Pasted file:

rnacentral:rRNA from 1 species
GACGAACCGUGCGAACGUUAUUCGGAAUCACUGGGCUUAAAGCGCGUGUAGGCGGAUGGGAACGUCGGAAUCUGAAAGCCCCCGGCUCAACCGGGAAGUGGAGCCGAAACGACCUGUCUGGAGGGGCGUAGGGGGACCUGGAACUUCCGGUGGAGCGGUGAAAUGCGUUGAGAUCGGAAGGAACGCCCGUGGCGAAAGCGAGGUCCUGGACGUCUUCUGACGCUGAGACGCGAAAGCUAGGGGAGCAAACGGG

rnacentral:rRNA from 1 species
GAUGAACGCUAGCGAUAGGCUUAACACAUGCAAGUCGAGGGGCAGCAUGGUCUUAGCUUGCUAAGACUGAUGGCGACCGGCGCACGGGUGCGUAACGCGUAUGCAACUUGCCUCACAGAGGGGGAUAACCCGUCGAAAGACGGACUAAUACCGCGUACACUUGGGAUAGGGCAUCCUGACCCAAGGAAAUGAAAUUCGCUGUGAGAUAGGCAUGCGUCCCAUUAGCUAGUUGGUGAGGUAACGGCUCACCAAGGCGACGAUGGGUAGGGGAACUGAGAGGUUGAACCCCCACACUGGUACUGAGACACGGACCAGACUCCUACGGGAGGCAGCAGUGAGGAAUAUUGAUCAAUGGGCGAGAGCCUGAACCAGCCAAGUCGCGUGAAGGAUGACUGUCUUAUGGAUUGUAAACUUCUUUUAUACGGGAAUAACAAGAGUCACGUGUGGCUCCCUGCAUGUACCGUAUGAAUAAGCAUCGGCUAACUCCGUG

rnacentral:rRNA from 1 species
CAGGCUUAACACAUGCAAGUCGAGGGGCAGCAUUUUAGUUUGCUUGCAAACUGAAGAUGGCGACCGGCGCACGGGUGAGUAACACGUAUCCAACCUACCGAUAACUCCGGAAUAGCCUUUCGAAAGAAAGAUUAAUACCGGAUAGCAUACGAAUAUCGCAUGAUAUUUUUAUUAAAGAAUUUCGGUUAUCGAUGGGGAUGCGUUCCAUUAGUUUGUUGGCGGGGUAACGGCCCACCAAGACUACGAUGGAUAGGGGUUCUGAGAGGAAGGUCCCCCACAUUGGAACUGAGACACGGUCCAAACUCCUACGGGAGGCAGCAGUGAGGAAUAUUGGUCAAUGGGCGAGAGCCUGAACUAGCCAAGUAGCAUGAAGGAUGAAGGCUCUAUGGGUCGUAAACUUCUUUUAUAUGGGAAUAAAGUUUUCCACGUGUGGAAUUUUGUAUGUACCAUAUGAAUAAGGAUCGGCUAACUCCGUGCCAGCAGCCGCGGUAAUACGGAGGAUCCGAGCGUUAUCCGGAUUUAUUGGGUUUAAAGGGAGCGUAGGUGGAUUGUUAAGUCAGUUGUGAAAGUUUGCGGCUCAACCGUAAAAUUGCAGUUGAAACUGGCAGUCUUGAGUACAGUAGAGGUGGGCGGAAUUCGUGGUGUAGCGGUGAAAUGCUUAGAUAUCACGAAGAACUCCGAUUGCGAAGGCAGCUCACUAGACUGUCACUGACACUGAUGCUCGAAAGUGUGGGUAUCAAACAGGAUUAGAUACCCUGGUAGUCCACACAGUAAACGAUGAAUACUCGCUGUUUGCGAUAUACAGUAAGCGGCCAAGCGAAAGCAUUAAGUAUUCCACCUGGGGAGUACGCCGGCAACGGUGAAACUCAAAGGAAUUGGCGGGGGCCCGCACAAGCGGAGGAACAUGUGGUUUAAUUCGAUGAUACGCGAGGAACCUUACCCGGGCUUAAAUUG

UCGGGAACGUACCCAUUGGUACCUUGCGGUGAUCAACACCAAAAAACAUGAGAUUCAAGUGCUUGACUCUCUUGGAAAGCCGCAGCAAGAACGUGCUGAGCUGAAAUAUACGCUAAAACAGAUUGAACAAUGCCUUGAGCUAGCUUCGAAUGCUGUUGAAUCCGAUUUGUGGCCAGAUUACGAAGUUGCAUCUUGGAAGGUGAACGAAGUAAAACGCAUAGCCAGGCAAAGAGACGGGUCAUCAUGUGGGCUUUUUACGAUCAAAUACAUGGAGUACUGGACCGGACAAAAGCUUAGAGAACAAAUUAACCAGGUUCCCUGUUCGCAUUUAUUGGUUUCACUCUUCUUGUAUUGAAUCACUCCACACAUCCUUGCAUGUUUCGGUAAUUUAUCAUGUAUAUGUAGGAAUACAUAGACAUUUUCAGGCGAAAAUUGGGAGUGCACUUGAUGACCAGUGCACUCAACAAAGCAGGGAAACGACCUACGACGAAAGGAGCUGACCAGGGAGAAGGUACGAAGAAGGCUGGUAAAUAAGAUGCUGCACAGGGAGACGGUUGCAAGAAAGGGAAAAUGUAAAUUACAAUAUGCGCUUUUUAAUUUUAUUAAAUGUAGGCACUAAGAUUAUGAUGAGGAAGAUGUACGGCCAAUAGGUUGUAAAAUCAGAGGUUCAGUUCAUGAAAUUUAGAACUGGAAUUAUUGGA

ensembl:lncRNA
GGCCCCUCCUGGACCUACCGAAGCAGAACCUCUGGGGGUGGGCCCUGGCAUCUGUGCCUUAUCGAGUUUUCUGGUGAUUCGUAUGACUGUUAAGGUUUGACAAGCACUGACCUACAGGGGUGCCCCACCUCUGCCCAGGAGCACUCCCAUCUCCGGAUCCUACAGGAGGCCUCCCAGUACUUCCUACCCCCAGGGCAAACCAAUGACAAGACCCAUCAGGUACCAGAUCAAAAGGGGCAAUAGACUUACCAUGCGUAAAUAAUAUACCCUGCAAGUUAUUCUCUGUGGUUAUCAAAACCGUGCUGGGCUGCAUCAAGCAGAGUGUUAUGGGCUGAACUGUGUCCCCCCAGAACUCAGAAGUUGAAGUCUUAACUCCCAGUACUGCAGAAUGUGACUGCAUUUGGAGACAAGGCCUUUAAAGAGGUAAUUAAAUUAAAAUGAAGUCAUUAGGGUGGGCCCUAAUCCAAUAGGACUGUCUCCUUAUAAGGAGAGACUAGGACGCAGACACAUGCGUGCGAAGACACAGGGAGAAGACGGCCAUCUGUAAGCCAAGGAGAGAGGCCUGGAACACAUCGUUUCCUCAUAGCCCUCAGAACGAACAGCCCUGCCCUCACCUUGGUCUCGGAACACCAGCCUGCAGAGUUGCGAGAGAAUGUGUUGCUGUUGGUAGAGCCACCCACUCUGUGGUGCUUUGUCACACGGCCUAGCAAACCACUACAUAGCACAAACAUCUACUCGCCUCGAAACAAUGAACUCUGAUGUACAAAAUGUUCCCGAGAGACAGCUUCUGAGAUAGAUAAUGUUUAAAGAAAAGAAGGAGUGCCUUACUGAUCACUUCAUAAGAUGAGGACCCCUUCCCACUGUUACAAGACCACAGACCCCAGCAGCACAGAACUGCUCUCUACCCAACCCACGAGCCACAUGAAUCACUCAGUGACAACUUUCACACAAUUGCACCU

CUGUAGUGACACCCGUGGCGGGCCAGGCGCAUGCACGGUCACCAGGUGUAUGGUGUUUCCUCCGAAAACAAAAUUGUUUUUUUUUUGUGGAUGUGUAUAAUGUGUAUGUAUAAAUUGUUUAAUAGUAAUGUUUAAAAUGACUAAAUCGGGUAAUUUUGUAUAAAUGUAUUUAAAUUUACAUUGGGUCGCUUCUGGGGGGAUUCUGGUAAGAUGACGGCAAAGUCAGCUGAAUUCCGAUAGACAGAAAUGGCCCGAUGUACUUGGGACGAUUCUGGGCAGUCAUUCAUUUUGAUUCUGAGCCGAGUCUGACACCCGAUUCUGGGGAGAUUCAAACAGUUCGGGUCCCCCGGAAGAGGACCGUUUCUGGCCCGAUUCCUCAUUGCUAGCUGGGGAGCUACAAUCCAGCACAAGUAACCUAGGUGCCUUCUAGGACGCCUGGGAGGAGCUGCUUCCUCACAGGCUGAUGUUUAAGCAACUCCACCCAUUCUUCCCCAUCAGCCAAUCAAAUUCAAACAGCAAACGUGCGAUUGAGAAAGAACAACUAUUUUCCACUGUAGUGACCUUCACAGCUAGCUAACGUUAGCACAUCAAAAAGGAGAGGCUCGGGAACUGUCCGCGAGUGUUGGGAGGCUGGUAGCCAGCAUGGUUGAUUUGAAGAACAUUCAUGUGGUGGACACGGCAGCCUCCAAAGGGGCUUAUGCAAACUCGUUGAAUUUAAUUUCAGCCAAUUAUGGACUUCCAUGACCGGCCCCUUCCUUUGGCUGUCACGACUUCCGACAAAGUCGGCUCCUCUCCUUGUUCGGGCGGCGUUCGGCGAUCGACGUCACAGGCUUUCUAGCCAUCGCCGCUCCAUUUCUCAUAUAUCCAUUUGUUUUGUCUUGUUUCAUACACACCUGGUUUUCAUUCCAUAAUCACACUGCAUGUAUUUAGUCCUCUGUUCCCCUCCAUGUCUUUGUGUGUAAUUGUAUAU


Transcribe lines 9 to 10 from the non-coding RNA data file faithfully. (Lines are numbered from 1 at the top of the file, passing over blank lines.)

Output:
GGCCCCUCCUGGACCUACCGAAGCAGAACCUCUGGGGGUGGGCCCUGGCAUCUGUGCCUUAUCGAGUUUUCUGGUGAUUCGUAUGACUGUUAAGGUUUGACAAGCACUGACCUACAGGGGUGCCCCACCUCUGCCCAGGAGCACUCCCAUCUCCGGAUCCUACAGGAGGCCUCCCAGUACUUCCUACCCCCAGGGCAAACCAAUGACAAGACCCAUCAGGUACCAGAUCAAAAGGGGCAAUAGACUUACCAUGCGUAAAUAAUAUACCCUGCAAGUUAUUCUCUGUGGUUAUCAAAACCGUGCUGGGCUGCAUCAAGCAGAGUGUUAUGGGCUGAACUGUGUCCCCCCAGAACUCAGAAGUUGAAGUCUUAACUCCCAGUACUGCAGAAUGUGACUGCAUUUGGAGACAAGGCCUUUAAAGAGGUAAUUAAAUUAAAAUGAAGUCAUUAGGGUGGGCCCUAAUCCAAUAGGACUGUCUCCUUAUAAGGAGAGACUAGGACGCAGACACAUGCGUGCGAAGACACAGGGAGAAGACGGCCAUCUGUAAGCCAAGGAGAGAGGCCUGGAACACAUCGUUUCCUCAUAGCCCUCAGAACGAACAGCCCUGCCCUCACCUUGGUCUCGGAACACCAGCCUGCAGAGUUGCGAGAGAAUGUGUUGCUGUUGGUAGAGCCACCCACUCUGUGGUGCUUUGUCACACGGCCUAGCAAACCACUACAUAGCACAAACAUCUACUCGCCUCGAAACAAUGAACUCUGAUGUACAAAAUGUUCCCGAGAGACAGCUUCUGAGAUAGAUAAUGUUUAAAGAAAAGAAGGAGUGCCUUACUGAUCACUUCAUAAGAUGAGGACCCCUUCCCACUGUUACAAGACCACAGACCCCAGCAGCACAGAACUGCUCUCUACCCAACCCACGAGCCACAUGAAUCACUCAGUGACAACUUUCACACAAUUGCACCU

CUGUAGUGACACCCGUGGCGGGCCAGGCGCAUGCACGGUCACCAGGUGUAUGGUGUUUCCUCCGAAAACAAAAUUGUUUUUUUUUUGUGGAUGUGUAUAAUGUGUAUGUAUAAAUUGUUUAAUAGUAAUGUUUAAAAUGACUAAAUCGGGUAAUUUUGUAUAAAUGUAUUUAAAUUUACAUUGGGUCGCUUCUGGGGGGAUUCUGGUAAGAUGACGGCAAAGUCAGCUGAAUUCCGAUAGACAGAAAUGGCCCGAUGUACUUGGGACGAUUCUGGGCAGUCAUUCAUUUUGAUUCUGAGCCGAGUCUGACACCCGAUUCUGGGGAGAUUCAAACAGUUCGGGUCCCCCGGAAGAGGACCGUUUCUGGCCCGAUUCCUCAUUGCUAGCUGGGGAGCUACAAUCCAGCACAAGUAACCUAGGUGCCUUCUAGGACGCCUGGGAGGAGCUGCUUCCUCACAGGCUGAUGUUUAAGCAACUCCACCCAUUCUUCCCCAUCAGCCAAUCAAAUUCAAACAGCAAACGUGCGAUUGAGAAAGAACAACUAUUUUCCACUGUAGUGACCUUCACAGCUAGCUAACGUUAGCACAUCAAAAAGGAGAGGCUCGGGAACUGUCCGCGAGUGUUGGGAGGCUGGUAGCCAGCAUGGUUGAUUUGAAGAACAUUCAUGUGGUGGACACGGCAGCCUCCAAAGGGGCUUAUGCAAACUCGUUGAAUUUAAUUUCAGCCAAUUAUGGACUUCCAUGACCGGCCCCUUCCUUUGGCUGUCACGACUUCCGACAAAGUCGGCUCCUCUCCUUGUUCGGGCGGCGUUCGGCGAUCGACGUCACAGGCUUUCUAGCCAUCGCCGCUCCAUUUCUCAUAUAUCCAUUUGUUUUGUCUUGUUUCAUACACACCUGGUUUUCAUUCCAUAAUCACACUGCAUGUAUUUAGUCCUCUGUUCCCCUCCAUGUCUUUGUGUGUAAUUGUAUAU